INTRODUCTION: HIV-1 RNA can be found at higher levels in cerebrospinal fluid (CSF) than in plasma, termed CSF/plasma discordance. The clinical significance of CSF/plasma discordance is not known and the degree of discordance considered important varies. We aimed to determine whether a panel of CSF cytokines, chemokines and associated mediators were raised in patients with CSF/plasma discordance at different levels.
METHODS: A nested case-control study of 40 CSF samples from the PARTITION study. We used a cytometric bead array to measure CSF mediator concentrations in 19 discordant and 21 non-discordant samples matched for plasma HIV-1 RNA. Discordant samples were subdivided into 'high discordance' (>1log10) and 'low discordance' (0.5-1log10, or ultrasensitive discordance). CSF mediators significant in univariate analysis went forward to two-way unsupervised hierarchical clustering based on the patterns of relative mediator concentrations.
RESULTS: In univariate analysis 19 of 21 CSF mediators were significantly higher in discordant than non-discordant samples. There were no significant differences between samples with high versus low discordance. The samples grouped into two clusters which corresponded to CSF/plasma discordance (p<0.0001). In cluster one all mediators had relatively high abundance; this included 18 discordant samples and three non-discordant samples. In cluster two all mediators had relatively low abundance; this included 18 non-discordant samples and one non-discordant sample with ultrasensitive discordance only.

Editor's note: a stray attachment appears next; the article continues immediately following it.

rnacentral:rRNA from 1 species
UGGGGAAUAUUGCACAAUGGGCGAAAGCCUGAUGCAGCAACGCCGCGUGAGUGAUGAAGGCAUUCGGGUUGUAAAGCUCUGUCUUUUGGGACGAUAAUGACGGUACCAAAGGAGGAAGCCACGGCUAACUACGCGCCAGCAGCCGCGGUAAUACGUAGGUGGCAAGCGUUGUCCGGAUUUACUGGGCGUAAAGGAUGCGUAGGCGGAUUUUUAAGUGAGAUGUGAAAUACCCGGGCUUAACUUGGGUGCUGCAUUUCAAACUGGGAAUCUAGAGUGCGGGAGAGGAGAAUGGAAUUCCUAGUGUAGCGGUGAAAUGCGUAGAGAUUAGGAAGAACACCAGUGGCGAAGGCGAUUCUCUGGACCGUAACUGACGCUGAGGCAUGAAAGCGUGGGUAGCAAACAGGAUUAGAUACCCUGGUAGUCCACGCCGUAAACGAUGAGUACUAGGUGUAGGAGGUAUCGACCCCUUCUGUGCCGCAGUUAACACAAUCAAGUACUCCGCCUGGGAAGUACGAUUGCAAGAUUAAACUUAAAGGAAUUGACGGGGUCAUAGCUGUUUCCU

CONCLUSIONS: CSF/plasma discordance is associated with potentially damaging neuroinflammatory process. Patients with discordance at lower levels (ie. 0.5-1log10) should also be investigated as mediator profiles were similar to those with discordance >1log10. Sensitive testing may have a role to determine whether ultrasensitive discordance is present in those with low level CSF escape.